How Scotland’s onshore wind sector deal will help meet an era-defining challenge – net zero emissions by 2045
This demands an almost unprecedented transformation, not seen for half a century.
The recently signed Onshore Wind Sector Deal seeks to meet this era-defining challenge with a distinct approach.
Co-created by the Scottish Government and the renewables industry, the deal locks both sides into the actions required to deploy a minimum of 20GW of onshore wind by 2030.
The deal seeks to contribute to overcoming technical barriers such as electricity grid infrastructure capacity and grid connection delays, constrained planning resources and often long-term consenting timeframes.
But crucially, it goes much further.
There are four foundational areas – supply chain, skills, community investment and biodiversity enhancement – that industry and policymakers must get right if we are to deliver on Scotland’s renewable energy ambition.
Vitally, these are areas where Scotland’s engineering heritage and local knowledge can play a key role.
Firstly, Scotland has a thriving business community, and it’s critical that the renewables sector incorporates these firms into new supply chains.
This will ensure the sector mobilises the industrial support to deliver the 2030 target, whilst channelling commercial returns into local companies, enabling Scottish businesses to benefit from the country’s central role in the global clean energy market.
The deal commits industry to publishing data on the use of local construction materials and data on the sector’s onshore wind development pipeline to identify where developers can pre-scope work with local companies.
For Statkraft’s Keith Greener Grid Park in Moray – providing stability of electricity flow to the grid, enabling more renewables to be connected – we utilised our Local Supplier Register to increase the number of local firms we used in construction, supporting one-person companies through to larger firms.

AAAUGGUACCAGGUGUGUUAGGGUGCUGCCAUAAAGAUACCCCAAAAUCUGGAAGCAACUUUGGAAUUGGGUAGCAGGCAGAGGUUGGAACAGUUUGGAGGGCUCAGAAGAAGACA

Promoted with local chambers of commerce, the register links to the deal’s goal to funnel contract opportunities to Scottish firms during the construction, operation and maintenance of sites.
The deal also commits to capturing data on where there are skills gaps across the sector.
With this data, the education sector can develop relevant training to support the energy transition, while providing a baseline to inform sector pledges on new apprenticeships, training opportunities and skilled jobs.
At Statkraft, we recently welcomed our two STEM Fund scholars in partnership with the University of the Highlands and Islands.
But we must go further. The future of renewables lies in the hands of the next generation of talent and there is a responsibility on the industry to invest in nurturing that talent.
One of the most vital elements of the deal is a focus on enhancing community investment, including setting a commitment to revamp how Community Benefit Funds are financially governed and evaluated.
Maximising the impact of these funds beyond free-standing financial contributions is critical.
At Statkraft, we are working closely with communities, ensuring the funding of holistic and locally designed initiatives, such as feasibility studies on super-fast broadband infrastructure, so communities have the technology to thrive.
The 52.5MW Baillie Wind Farm – which Statkraft part owns – provides a Community Benefit Fund worth £130,000 every year, with a portion dedicated to the Caithness Business Fund to support the growth of emerging local companies.
It’s crucial we listen to and work with people to ensure the transition delivers solutions that work for Scotland’s communities.
Lastly, the deal brings biodiversity to the forefront of the agenda, recognising that the renewable energy industry can play a significant role in the improvement of Scotland’s natural environment.
The deal commits to a national approach to monitoring and evidencing onshore biodiversity enhancements, which is crucial in demonstrating how net zero goals and conservation sit hand-in-hand.
If we can take Scotland’s businesses and communities on this exciting journey, we can create the conditions to deliver on our 2030 targets – while realising a just, equitable energy transition.
This is how we will renew the way Scotland and the UK are powered.
Tom Walker is head of wind at renewable energy multinational Statkraft, which has recently opened a new headquarters in Glasgow
Want to join the conversation? Please or to comment on this article.